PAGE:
Opinion: Daily Journal

Who You Calling a Cohee?

No matter what happens in the gubernatorial election this year, a political string will be broken – our governor will no longer hail from Eastern North Carolina. The Republican nominee, Pat McCrory, is the former mayor of Charlotte. The Democratic nominee, Lt. Gov. Walter Dalton, is a former state senator from Rutherford County.

Since 1993, Democrats Jim Hunt from Wilson, Mike Easley from Rocky Mount, and Bev Perdue of New Bern have headed the state’s executive branch. And before the two-term tenure of Jim Martin, a former Republican congressman from the Charlotte area, Jim Hunt served his first eight years as governor from 1977 to 1985.

During most of the 20th century, North Carolina governors could be elected to only a single term – and the election was basically settled during the spring Democratic primary, not the fall general election against a token Republican. The Democrats maintained an informal rotation system for decades, with an Eastern governor followed by one from the Piedmont or West, who was then followed by an Easterner, and so on.

After Republican Jim Holshouser achieved his pathbreaking gubernatorial victory in 1972, however, Democrats were inclined to change the system. The constitution was changed to allow two consecutive terms. And the rotation tradition disappeared.

Voters in the Piedmont and mountains don’t like it. They have long seen state government as favoring the interests of the Triangle and Eastern North Carolina. Of course, folks from the latter areas see things differently. With many of the state’s highest unemployment and poverty rates to be found in Eastern counties, they think state government ought to be focused on the plight of the state’s neediest communities, even if that means redistributing tax dollars from one region to another.

Political rivalry between North Carolina’s East and West is certainly nothing new. In fact, it dates back to before North Carolina was a state. The irony is that during North Carolina’s early history, it was the Eastern counties that held not just most of the political power but also most of the wealth. It was the Piedmont and Western counties of the Carolina backcountry that were relatively poor.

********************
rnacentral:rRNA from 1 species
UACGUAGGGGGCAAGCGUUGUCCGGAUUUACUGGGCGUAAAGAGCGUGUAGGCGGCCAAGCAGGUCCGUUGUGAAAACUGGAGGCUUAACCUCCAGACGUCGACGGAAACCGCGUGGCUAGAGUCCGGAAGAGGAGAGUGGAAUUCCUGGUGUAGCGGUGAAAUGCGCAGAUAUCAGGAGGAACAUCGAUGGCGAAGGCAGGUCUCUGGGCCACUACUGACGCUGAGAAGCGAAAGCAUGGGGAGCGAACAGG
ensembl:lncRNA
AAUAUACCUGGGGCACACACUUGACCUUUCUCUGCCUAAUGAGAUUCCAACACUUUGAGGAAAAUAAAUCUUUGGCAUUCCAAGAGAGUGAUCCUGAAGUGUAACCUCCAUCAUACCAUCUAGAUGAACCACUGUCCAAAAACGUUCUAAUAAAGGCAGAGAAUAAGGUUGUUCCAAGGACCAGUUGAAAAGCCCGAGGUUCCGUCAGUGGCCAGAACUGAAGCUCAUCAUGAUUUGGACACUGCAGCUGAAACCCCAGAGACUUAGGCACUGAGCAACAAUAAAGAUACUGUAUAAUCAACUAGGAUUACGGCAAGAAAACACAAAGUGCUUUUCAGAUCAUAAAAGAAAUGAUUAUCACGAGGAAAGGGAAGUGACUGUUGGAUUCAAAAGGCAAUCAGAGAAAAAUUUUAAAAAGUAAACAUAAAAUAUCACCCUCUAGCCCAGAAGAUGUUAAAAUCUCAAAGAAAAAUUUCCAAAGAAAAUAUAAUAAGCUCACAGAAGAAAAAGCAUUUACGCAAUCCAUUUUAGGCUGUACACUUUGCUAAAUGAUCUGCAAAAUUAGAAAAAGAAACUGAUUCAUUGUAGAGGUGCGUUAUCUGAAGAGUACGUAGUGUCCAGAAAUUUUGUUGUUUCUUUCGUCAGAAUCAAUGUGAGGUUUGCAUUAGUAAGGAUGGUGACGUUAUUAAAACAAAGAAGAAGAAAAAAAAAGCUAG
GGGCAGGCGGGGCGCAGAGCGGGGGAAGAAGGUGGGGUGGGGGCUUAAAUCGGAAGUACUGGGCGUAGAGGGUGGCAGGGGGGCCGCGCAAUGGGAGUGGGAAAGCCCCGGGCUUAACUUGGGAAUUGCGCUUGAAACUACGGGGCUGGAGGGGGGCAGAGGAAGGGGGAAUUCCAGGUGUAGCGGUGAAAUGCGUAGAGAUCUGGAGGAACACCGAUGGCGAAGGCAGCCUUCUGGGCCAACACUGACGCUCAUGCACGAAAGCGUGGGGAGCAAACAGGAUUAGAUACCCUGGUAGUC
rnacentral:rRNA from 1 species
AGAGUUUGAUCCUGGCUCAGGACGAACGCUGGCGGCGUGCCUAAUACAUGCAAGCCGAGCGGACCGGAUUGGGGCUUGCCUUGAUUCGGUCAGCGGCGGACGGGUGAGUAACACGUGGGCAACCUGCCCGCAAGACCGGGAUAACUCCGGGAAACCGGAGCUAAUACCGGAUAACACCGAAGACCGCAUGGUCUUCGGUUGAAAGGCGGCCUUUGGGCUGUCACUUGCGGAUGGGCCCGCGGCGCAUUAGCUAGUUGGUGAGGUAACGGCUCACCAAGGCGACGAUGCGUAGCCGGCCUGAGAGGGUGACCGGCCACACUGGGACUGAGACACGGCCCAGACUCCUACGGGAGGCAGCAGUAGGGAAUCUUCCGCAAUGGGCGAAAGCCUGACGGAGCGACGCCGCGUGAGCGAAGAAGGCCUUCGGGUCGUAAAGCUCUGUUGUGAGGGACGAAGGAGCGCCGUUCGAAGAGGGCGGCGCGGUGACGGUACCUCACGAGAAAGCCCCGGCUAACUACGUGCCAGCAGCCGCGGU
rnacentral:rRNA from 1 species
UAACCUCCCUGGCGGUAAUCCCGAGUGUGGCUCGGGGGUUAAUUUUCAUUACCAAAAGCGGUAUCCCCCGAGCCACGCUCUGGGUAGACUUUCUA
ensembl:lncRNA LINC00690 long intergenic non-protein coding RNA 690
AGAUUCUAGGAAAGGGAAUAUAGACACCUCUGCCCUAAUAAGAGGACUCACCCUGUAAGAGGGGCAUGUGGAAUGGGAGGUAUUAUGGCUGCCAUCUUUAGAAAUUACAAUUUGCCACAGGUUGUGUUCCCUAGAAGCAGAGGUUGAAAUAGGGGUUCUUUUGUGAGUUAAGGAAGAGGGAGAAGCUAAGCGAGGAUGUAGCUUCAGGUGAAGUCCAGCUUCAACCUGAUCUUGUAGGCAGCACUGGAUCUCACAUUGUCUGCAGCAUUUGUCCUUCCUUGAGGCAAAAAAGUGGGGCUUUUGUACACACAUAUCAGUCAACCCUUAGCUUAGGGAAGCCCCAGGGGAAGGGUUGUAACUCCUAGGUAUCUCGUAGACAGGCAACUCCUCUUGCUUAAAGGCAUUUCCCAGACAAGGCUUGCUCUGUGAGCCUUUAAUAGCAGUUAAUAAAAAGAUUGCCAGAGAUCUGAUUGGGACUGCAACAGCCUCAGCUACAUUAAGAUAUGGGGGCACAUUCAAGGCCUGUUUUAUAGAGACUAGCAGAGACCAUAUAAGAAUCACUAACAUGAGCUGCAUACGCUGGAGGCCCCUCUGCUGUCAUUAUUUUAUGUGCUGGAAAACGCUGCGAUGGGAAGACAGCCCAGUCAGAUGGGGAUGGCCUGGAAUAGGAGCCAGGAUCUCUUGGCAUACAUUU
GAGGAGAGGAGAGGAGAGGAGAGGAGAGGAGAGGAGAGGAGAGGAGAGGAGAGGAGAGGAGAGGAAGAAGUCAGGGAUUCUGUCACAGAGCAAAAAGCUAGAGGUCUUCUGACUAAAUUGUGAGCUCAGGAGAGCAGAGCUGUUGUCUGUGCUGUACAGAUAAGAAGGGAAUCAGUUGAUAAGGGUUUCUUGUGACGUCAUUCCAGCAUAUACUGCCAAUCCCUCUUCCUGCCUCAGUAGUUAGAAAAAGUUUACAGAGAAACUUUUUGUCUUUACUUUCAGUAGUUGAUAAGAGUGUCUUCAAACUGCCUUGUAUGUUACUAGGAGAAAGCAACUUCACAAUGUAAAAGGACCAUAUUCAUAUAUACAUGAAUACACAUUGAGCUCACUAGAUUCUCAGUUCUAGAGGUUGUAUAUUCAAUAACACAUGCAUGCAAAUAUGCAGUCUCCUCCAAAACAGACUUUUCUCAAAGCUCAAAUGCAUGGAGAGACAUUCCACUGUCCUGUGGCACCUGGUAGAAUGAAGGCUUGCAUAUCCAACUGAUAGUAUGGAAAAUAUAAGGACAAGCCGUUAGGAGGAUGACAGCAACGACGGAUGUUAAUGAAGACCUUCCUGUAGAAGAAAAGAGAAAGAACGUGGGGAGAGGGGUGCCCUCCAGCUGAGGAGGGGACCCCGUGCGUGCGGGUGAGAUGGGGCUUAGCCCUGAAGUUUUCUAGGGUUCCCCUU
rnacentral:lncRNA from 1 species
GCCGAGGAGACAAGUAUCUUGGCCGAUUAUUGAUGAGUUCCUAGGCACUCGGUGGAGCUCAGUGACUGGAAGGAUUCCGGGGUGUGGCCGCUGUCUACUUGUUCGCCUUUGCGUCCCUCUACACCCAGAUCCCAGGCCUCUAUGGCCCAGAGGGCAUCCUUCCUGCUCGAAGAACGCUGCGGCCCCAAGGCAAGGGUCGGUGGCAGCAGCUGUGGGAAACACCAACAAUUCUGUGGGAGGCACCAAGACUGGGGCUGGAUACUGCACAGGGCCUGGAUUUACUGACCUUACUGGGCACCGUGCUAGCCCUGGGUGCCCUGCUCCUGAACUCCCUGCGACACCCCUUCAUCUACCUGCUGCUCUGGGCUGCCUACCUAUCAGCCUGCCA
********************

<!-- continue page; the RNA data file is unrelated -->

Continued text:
The two sides of the dispute had colorful nicknames, although the terms were not limited to North Carolina. During colonial times and the early decades of the American republic, east-west rivalries in both Carolinas and Virginia were sometimes described as a contest between tuckahoes and cohees.

The Easterners called the Westerners “cohees,” which would be akin to calling someone a redneck or hick today. According to one 19th century historian, the term originated when Easterners heard Scotch-Irish Presbyterians use the phrase “quoth he” instead of “he said.” Meanwhile, the Westerners came to call the Easterners “tuckahoes,” which was the Indian name of a plant that grew along the tidewaters of Virginia and North Carolina. Tuckahoe was also the name of the famous William Randolph’s Virginia plantation later acquired by Thomas Jefferson. In using the term, Westerners were ridiculing the East’s Anglican establishment for being pretentious and patronizing. It’s a bit like calling someone a “country-clubber” today.

The whole cohee-vs.-tuckahoe thing may sound a bit silly. But the underlying disputes were very serious. During the 1760s and early 1770s, for example, backcountry settlers suffered various abuses at the hands of colonial officials, including unjust taxes and fines, land swindles, and courthouse corruption. Many became furious. They formed local discussion groups and political organizations, calling themselves Regulators. Originally dedicated to nonviolent protest, the movement eventually turned into a military effort to force concessions from Gov. William Tryon. The resulting War of the Regulation would culminate in the 1771 Battle of Alamance, where Tryon’s forces – most of them militiamen from the East – clashed with about 2,000 Regulators. The latter were crushed.

In the decades after the Revolutionary War, the regional rivalry continued. Piedmont and Western counties filled up with settlers but did not acquire proportional representation in the General Assembly. It wasn’t until constitutional revisions in 1835 that the problem began to be addressed.

As should be obvious, the rivalry never really went away. I’m guessing that in 2016, whichever party is out of power will consider nominating a gubernatorial candidate from the Triangle or Eastern North Carolina, hoping to take advantage of the inevitable grievances.

Hood is president of the John Locke Foundation and author of Our Best Foot Forward: An Investment Plan for North Carolina’s Economic Recovery.